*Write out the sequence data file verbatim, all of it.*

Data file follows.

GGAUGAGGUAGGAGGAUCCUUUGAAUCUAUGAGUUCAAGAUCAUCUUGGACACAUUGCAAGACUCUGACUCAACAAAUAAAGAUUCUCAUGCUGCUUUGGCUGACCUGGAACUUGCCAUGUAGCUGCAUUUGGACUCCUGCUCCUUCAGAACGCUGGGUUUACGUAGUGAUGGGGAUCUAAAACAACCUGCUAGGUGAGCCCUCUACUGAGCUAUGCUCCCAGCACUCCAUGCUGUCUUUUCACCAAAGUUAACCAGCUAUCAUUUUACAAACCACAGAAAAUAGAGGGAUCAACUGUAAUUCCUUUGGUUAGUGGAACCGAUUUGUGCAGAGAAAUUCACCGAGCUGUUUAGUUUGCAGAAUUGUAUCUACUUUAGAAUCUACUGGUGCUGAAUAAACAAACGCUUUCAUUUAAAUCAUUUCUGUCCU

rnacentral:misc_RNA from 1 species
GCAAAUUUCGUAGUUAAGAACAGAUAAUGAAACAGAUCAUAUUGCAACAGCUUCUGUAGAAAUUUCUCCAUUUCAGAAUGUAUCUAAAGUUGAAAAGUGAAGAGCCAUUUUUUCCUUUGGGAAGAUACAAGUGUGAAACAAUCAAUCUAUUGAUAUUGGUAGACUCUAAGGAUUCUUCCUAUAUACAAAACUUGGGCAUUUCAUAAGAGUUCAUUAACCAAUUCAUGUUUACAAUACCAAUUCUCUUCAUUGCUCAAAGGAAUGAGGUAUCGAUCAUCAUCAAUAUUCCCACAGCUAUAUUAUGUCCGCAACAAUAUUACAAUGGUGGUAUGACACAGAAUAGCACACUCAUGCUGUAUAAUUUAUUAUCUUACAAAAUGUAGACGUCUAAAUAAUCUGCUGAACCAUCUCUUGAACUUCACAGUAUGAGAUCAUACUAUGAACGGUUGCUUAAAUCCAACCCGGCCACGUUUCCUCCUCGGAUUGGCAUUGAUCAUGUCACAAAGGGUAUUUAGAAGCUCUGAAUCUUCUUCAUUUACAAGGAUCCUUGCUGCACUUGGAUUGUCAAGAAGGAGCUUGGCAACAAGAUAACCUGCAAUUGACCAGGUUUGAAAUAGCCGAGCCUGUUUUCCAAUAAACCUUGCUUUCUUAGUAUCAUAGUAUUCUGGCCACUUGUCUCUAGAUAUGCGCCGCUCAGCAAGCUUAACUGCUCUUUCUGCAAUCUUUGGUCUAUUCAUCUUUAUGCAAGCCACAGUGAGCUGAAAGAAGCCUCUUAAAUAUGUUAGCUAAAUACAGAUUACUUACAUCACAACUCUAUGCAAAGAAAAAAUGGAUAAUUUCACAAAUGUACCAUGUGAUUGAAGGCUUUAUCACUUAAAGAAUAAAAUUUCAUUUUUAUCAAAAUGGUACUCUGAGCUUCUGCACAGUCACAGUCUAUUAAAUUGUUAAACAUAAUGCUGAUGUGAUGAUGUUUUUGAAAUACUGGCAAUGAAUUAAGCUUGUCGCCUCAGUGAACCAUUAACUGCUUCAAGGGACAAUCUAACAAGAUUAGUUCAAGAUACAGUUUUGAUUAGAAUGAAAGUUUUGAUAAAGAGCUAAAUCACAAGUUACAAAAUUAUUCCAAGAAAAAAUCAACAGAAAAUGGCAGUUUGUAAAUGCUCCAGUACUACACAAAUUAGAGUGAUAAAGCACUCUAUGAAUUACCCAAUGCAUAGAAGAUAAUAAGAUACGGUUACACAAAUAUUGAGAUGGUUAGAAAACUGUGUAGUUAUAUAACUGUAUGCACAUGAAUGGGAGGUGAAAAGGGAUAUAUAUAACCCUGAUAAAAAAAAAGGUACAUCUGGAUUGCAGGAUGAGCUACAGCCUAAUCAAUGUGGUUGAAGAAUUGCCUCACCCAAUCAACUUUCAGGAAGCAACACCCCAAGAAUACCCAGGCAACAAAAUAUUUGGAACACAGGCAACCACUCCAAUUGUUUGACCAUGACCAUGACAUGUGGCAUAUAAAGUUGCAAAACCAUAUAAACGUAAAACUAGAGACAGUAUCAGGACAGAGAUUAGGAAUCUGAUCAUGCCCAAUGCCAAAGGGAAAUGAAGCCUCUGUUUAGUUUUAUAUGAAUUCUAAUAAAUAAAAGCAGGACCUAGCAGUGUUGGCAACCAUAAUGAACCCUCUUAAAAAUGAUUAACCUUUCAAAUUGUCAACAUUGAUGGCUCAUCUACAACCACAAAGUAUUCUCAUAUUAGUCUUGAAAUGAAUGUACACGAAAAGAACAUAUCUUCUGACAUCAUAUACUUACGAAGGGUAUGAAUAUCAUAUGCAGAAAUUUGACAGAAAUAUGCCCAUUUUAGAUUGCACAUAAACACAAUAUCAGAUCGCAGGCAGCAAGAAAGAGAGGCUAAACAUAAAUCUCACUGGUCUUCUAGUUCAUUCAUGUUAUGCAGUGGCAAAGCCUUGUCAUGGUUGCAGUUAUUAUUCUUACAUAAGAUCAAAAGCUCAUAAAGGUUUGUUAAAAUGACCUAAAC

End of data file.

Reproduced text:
GGAUGAGGUAGGAGGAUCCUUUGAAUCUAUGAGUUCAAGAUCAUCUUGGACACAUUGCAAGACUCUGACUCAACAAAUAAAGAUUCUCAUGCUGCUUUGGCUGACCUGGAACUUGCCAUGUAGCUGCAUUUGGACUCCUGCUCCUUCAGAACGCUGGGUUUACGUAGUGAUGGGGAUCUAAAACAACCUGCUAGGUGAGCCCUCUACUGAGCUAUGCUCCCAGCACUCCAUGCUGUCUUUUCACCAAAGUUAACCAGCUAUCAUUUUACAAACCACAGAAAAUAGAGGGAUCAACUGUAAUUCCUUUGGUUAGUGGAACCGAUUUGUGCAGAGAAAUUCACCGAGCUGUUUAGUUUGCAGAAUUGUAUCUACUUUAGAAUCUACUGGUGCUGAAUAAACAAACGCUUUCAUUUAAAUCAUUUCUGUCCU

rnacentral:misc_RNA from 1 species
GCAAAUUUCGUAGUUAAGAACAGAUAAUGAAACAGAUCAUAUUGCAACAGCUUCUGUAGAAAUUUCUCCAUUUCAGAAUGUAUCUAAAGUUGAAAAGUGAAGAGCCAUUUUUUCCUUUGGGAAGAUACAAGUGUGAAACAAUCAAUCUAUUGAUAUUGGUAGACUCUAAGGAUUCUUCCUAUAUACAAAACUUGGGCAUUUCAUAAGAGUUCAUUAACCAAUUCAUGUUUACAAUACCAAUUCUCUUCAUUGCUCAAAGGAAUGAGGUAUCGAUCAUCAUCAAUAUUCCCACAGCUAUAUUAUGUCCGCAACAAUAUUACAAUGGUGGUAUGACACAGAAUAGCACACUCAUGCUGUAUAAUUUAUUAUCUUACAAAAUGUAGACGUCUAAAUAAUCUGCUGAACCAUCUCUUGAACUUCACAGUAUGAGAUCAUACUAUGAACGGUUGCUUAAAUCCAACCCGGCCACGUUUCCUCCUCGGAUUGGCAUUGAUCAUGUCACAAAGGGUAUUUAGAAGCUCUGAAUCUUCUUCAUUUACAAGGAUCCUUGCUGCACUUGGAUUGUCAAGAAGGAGCUUGGCAACAAGAUAACCUGCAAUUGACCAGGUUUGAAAUAGCCGAGCCUGUUUUCCAAUAAACCUUGCUUUCUUAGUAUCAUAGUAUUCUGGCCACUUGUCUCUAGAUAUGCGCCGCUCAGCAAGCUUAACUGCUCUUUCUGCAAUCUUUGGUCUAUUCAUCUUUAUGCAAGCCACAGUGAGCUGAAAGAAGCCUCUUAAAUAUGUUAGCUAAAUACAGAUUACUUACAUCACAACUCUAUGCAAAGAAAAAAUGGAUAAUUUCACAAAUGUACCAUGUGAUUGAAGGCUUUAUCACUUAAAGAAUAAAAUUUCAUUUUUAUCAAAAUGGUACUCUGAGCUUCUGCACAGUCACAGUCUAUUAAAUUGUUAAACAUAAUGCUGAUGUGAUGAUGUUUUUGAAAUACUGGCAAUGAAUUAAGCUUGUCGCCUCAGUGAACCAUUAACUGCUUCAAGGGACAAUCUAACAAGAUUAGUUCAAGAUACAGUUUUGAUUAGAAUGAAAGUUUUGAUAAAGAGCUAAAUCACAAGUUACAAAAUUAUUCCAAGAAAAAAUCAACAGAAAAUGGCAGUUUGUAAAUGCUCCAGUACUACACAAAUUAGAGUGAUAAAGCACUCUAUGAAUUACCCAAUGCAUAGAAGAUAAUAAGAUACGGUUACACAAAUAUUGAGAUGGUUAGAAAACUGUGUAGUUAUAUAACUGUAUGCACAUGAAUGGGAGGUGAAAAGGGAUAUAUAUAACCCUGAUAAAAAAAAAGGUACAUCUGGAUUGCAGGAUGAGCUACAGCCUAAUCAAUGUGGUUGAAGAAUUGCCUCACCCAAUCAACUUUCAGGAAGCAACACCCCAAGAAUACCCAGGCAACAAAAUAUUUGGAACACAGGCAACCACUCCAAUUGUUUGACCAUGACCAUGACAUGUGGCAUAUAAAGUUGCAAAACCAUAUAAACGUAAAACUAGAGACAGUAUCAGGACAGAGAUUAGGAAUCUGAUCAUGCCCAAUGCCAAAGGGAAAUGAAGCCUCUGUUUAGUUUUAUAUGAAUUCUAAUAAAUAAAAGCAGGACCUAGCAGUGUUGGCAACCAUAAUGAACCCUCUUAAAAAUGAUUAACCUUUCAAAUUGUCAACAUUGAUGGCUCAUCUACAACCACAAAGUAUUCUCAUAUUAGUCUUGAAAUGAAUGUACACGAAAAGAACAUAUCUUCUGACAUCAUAUACUUACGAAGGGUAUGAAUAUCAUAUGCAGAAAUUUGACAGAAAUAUGCCCAUUUUAGAUUGCACAUAAACACAAUAUCAGAUCGCAGGCAGCAAGAAAGAGAGGCUAAACAUAAAUCUCACUGGUCUUCUAGUUCAUUCAUGUUAUGCAGUGGCAAAGCCUUGUCAUGGUUGCAGUUAUUAUUCUUACAUAAGAUCAAAAGCUCAUAAAGGUUUGUUAAAAUGACCUAAAC